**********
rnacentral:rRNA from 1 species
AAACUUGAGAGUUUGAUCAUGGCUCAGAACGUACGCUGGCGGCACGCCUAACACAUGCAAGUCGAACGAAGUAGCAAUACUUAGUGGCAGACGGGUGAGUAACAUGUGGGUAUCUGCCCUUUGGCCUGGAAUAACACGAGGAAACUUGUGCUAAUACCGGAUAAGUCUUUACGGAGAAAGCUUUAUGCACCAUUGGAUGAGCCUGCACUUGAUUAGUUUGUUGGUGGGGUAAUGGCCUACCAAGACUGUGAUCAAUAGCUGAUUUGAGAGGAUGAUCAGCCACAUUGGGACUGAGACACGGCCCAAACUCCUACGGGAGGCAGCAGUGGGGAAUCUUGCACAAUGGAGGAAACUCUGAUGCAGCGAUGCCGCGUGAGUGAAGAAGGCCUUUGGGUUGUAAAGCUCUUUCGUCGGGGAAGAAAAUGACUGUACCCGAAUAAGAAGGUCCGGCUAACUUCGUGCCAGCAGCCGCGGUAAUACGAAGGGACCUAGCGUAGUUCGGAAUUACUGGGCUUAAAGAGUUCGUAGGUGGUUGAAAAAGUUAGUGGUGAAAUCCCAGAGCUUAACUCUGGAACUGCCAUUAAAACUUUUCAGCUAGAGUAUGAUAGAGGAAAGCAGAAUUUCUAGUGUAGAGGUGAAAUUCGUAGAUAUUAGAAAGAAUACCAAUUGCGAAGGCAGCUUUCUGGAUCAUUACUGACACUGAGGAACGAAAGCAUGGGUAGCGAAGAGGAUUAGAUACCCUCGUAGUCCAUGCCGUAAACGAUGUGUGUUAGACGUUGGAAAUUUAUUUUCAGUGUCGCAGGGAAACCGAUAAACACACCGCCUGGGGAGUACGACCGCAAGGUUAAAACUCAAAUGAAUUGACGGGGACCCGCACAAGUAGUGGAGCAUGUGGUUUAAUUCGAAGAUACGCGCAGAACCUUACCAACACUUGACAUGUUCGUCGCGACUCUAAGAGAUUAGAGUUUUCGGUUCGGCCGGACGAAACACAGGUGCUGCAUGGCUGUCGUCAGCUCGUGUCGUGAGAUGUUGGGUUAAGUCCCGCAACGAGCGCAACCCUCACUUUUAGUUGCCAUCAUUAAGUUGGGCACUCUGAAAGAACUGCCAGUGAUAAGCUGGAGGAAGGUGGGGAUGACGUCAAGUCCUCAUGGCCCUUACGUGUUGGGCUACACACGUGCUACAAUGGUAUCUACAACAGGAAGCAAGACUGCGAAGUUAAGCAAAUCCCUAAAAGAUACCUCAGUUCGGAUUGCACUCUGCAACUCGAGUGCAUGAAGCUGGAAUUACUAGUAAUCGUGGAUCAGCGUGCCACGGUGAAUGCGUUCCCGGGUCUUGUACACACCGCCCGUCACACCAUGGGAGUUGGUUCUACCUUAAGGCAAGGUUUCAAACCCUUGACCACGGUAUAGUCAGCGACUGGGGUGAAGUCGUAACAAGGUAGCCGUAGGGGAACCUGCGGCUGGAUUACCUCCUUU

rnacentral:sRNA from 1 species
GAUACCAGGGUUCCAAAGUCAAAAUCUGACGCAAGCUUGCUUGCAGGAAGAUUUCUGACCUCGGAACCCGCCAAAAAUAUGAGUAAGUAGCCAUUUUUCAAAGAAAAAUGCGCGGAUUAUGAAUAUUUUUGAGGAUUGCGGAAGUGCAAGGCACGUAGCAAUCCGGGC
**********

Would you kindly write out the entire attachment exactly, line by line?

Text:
rnacentral:rRNA from 1 species
AAACUUGAGAGUUUGAUCAUGGCUCAGAACGUACGCUGGCGGCACGCCUAACACAUGCAAGUCGAACGAAGUAGCAAUACUUAGUGGCAGACGGGUGAGUAACAUGUGGGUAUCUGCCCUUUGGCCUGGAAUAACACGAGGAAACUUGUGCUAAUACCGGAUAAGUCUUUACGGAGAAAGCUUUAUGCACCAUUGGAUGAGCCUGCACUUGAUUAGUUUGUUGGUGGGGUAAUGGCCUACCAAGACUGUGAUCAAUAGCUGAUUUGAGAGGAUGAUCAGCCACAUUGGGACUGAGACACGGCCCAAACUCCUACGGGAGGCAGCAGUGGGGAAUCUUGCACAAUGGAGGAAACUCUGAUGCAGCGAUGCCGCGUGAGUGAAGAAGGCCUUUGGGUUGUAAAGCUCUUUCGUCGGGGAAGAAAAUGACUGUACCCGAAUAAGAAGGUCCGGCUAACUUCGUGCCAGCAGCCGCGGUAAUACGAAGGGACCUAGCGUAGUUCGGAAUUACUGGGCUUAAAGAGUUCGUAGGUGGUUGAAAAAGUUAGUGGUGAAAUCCCAGAGCUUAACUCUGGAACUGCCAUUAAAACUUUUCAGCUAGAGUAUGAUAGAGGAAAGCAGAAUUUCUAGUGUAGAGGUGAAAUUCGUAGAUAUUAGAAAGAAUACCAAUUGCGAAGGCAGCUUUCUGGAUCAUUACUGACACUGAGGAACGAAAGCAUGGGUAGCGAAGAGGAUUAGAUACCCUCGUAGUCCAUGCCGUAAACGAUGUGUGUUAGACGUUGGAAAUUUAUUUUCAGUGUCGCAGGGAAACCGAUAAACACACCGCCUGGGGAGUACGACCGCAAGGUUAAAACUCAAAUGAAUUGACGGGGACCCGCACAAGUAGUGGAGCAUGUGGUUUAAUUCGAAGAUACGCGCAGAACCUUACCAACACUUGACAUGUUCGUCGCGACUCUAAGAGAUUAGAGUUUUCGGUUCGGCCGGACGAAACACAGGUGCUGCAUGGCUGUCGUCAGCUCGUGUCGUGAGAUGUUGGGUUAAGUCCCGCAACGAGCGCAACCCUCACUUUUAGUUGCCAUCAUUAAGUUGGGCACUCUGAAAGAACUGCCAGUGAUAAGCUGGAGGAAGGUGGGGAUGACGUCAAGUCCUCAUGGCCCUUACGUGUUGGGCUACACACGUGCUACAAUGGUAUCUACAACAGGAAGCAAGACUGCGAAGUUAAGCAAAUCCCUAAAAGAUACCUCAGUUCGGAUUGCACUCUGCAACUCGAGUGCAUGAAGCUGGAAUUACUAGUAAUCGUGGAUCAGCGUGCCACGGUGAAUGCGUUCCCGGGUCUUGUACACACCGCCCGUCACACCAUGGGAGUUGGUUCUACCUUAAGGCAAGGUUUCAAACCCUUGACCACGGUAUAGUCAGCGACUGGGGUGAAGUCGUAACAAGGUAGCCGUAGGGGAACCUGCGGCUGGAUUACCUCCUUU

rnacentral:sRNA from 1 species
GAUACCAGGGUUCCAAAGUCAAAAUCUGACGCAAGCUUGCUUGCAGGAAGAUUUCUGACCUCGGAACCCGCCAAAAAUAUGAGUAAGUAGCCAUUUUUCAAAGAAAAAUGCGCGGAUUAUGAAUAUUUUUGAGGAUUGCGGAAGUGCAAGGCACGUAGCAAUCCGGGC